The Pier Falls by Mark Haddon (2016) 218 p.

Mark Haddon had this to say about short fiction in the Guardian while promoting this anthology:

“…the Chekhov/Joyce/ Mansfield/Carver idiom, an idiom that has become a kind of ruling orthodoxy on both sides of the Atlantic over the last 30 years: modest, melancholic stories, not arcs with beginnings, middles and ends, so much as moments and turning points, stories often about things not happening and people being absent, not really stories at all according to the everyday meaning of the word… if you are writing a short story and it is not more entertaining than the stories in that morning’s newspaper or that evening’s TV news, then you need to throw it away and start again, or open a cycle repair shop.”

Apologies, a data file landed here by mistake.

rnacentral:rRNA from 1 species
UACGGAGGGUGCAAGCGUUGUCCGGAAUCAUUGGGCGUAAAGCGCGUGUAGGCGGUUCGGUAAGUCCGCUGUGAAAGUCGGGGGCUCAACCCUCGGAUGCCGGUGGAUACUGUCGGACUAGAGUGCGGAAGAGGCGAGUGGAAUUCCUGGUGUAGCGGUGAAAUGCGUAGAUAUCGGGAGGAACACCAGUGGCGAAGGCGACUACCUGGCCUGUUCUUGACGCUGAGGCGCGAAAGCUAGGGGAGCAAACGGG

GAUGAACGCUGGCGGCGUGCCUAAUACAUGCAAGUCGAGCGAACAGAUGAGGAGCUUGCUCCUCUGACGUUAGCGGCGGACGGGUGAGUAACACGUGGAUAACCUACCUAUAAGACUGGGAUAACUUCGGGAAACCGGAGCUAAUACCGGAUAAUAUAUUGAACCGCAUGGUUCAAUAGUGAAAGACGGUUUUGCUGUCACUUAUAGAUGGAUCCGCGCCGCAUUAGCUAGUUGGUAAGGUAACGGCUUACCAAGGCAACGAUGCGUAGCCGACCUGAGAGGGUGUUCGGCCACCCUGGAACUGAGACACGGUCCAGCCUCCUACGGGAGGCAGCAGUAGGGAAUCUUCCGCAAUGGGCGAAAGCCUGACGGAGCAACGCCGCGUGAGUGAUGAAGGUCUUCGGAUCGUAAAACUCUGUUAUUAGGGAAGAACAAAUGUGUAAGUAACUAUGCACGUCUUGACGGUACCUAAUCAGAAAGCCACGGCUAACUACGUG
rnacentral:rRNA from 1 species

It’s not a coincidence that the two pieces I liked least in The Pier Falls are precisely that sort of story: Breathe and The Weir, both stories which are mostly about interpersonal relationship drama. Nearly all the other are excellent, however, and live up to Haddon’s observation that a story, as the word is typically used, should fundamentally be about something unusual and interesting. The titular story The Pier Falls is probably the standout, a slow-motion observation of a mass death catastrophe as a pier collapses into the sea, which you can read free online. I also greatly enjoyed The Woodpecker and the Wolf, about an expedition of astronauts stranded on Mars, and Wodwo, an excellent modern-day reworking of Gawain and the Green Knight. Highly recommended, even if you don’t typically read short stories.